Tuesday, January 22, 2008

Circle Around The Square

Circle Around The Square
A Cold Weather Story
8.5" x 11"
It was a cold January in 1958. I was a senior in college and went home for a special weekend.
Daddy was going to buy me a new car for my graduation present. He had a nice Ford Galaxie all picked out, through one of his friends who had a car dealership.
I wanted no part of such an ordinary car. I wanted a '51 MGTD, all black. I had dated a guy who drove a car like that, except his MG was white. I thought that was the cutest little car that I ever saw and would surely attract a lot of attention. It would be so much fun to whiz along with my hair blowing and, at the same time, have everyone look to see that darling little car. Not to mention, that it was sure to attract a lot of boys who would like to take a look at the engine and take care of the car. And that would, hopefully, get me some dates- boys who would love to drive or work on my little car.
Daddy finally searched and found a used '51 MGTD and he, reluctantly, bought it for me. He was sure that I would change my mind and want that shiney, new, all black Galaxie. But I was convinced that I would only look good in an MG. Without the MG, I was sure I would be dateless and an old maid.
The MG that he found was a bit scuffed and worn, to say the least. But, I thought that I could just clean it up and it would be gorgeous!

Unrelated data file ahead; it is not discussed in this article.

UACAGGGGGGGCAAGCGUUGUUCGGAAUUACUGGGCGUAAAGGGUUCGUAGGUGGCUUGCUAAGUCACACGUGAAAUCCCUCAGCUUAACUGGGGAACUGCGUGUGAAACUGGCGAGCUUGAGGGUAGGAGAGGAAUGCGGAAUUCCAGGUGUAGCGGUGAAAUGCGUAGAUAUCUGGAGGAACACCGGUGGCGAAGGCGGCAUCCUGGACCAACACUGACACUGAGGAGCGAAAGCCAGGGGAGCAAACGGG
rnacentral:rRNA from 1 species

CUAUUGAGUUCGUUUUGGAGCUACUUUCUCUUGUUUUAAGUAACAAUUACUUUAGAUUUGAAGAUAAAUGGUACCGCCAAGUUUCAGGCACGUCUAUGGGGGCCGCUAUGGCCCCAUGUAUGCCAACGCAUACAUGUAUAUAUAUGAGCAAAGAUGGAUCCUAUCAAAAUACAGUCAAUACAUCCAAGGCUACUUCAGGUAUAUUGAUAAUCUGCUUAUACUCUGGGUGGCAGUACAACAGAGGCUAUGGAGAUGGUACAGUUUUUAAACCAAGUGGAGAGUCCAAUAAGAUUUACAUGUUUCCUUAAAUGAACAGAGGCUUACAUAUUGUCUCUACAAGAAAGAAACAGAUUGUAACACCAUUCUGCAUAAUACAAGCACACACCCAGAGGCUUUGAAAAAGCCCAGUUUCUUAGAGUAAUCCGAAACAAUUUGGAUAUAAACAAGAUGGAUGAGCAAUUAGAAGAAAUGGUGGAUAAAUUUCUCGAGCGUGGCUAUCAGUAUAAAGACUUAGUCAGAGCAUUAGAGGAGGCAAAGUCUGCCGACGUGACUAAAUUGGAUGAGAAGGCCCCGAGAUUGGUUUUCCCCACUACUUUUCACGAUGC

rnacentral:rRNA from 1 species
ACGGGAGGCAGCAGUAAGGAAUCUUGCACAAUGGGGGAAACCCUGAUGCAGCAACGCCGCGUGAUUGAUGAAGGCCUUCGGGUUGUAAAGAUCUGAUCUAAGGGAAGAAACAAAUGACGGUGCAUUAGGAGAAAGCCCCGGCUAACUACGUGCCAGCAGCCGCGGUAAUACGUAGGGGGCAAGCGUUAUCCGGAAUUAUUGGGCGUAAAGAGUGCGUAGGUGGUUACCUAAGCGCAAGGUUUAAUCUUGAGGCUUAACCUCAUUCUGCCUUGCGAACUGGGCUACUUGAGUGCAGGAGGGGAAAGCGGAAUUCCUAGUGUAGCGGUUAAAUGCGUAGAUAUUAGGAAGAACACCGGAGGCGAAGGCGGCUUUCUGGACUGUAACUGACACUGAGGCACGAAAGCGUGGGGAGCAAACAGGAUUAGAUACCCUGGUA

Daddy spent the weekend showing me the things that were wrong with the car, and telling me that I should leave it at home until it was fixed. I should take his '57 Ford Ranch Wagon back to college, if I just had to have a car. He knew that I would need a car to do my student teaching in the spring, so it was time to get used to driving more and be responsible for a vehicle.
I was too excited over my first new car to leave it behind and drive a family oriented station wagon. So, off I went in my little car, on Sunday afternoon, anxious to show off my car to everyone, and to test it out on the boys that hung out near Campus Corner, the drugstore, checking out each others' sports cars.
"It's going to be alright, Baby," I told the car. "Once I get you figured out, you are going to be a dream to drive!"
I'm sure that my parents must have cringed as I drove away in that little car. It wasn't just the size, but the condition of the car, that made it dangerous. But, in those days, there wasn't a lot in the way of safety checks. No seat belts, no car inspections. Just buy your license and your car, and that was it, as long as you could make it run, some way or other.
My little car had a white body, black fenders, and a green interior. I was disappointed in the color, but, if that was all he could find that was running, I would have to be happy with it. I really wanted a solid black car, but this one was still cute.
It also had some serious problems.
The brakes didn't work all of the time. The way to stop the car was to gear it down until it was almost stopped, then hit something gently.
There was no gas gage. If I wanted to know how much gas I had, I got a yardstick out of the back and stuck it into the gas tank.
The leather seats were worn, but that wasn't too bad. Just didn't look so good.
The wooden interior was sort of, well, rotten. So, when I had the cloth top up, sometimes, if I hit a bump, the top slid down the wood and collapsed all over the interior.
The previous owners had cut into the wires and changed them around. So, when a button on the dash was pulled, I never knew what might happen. Lights might come on, or it could be the windshield wipers.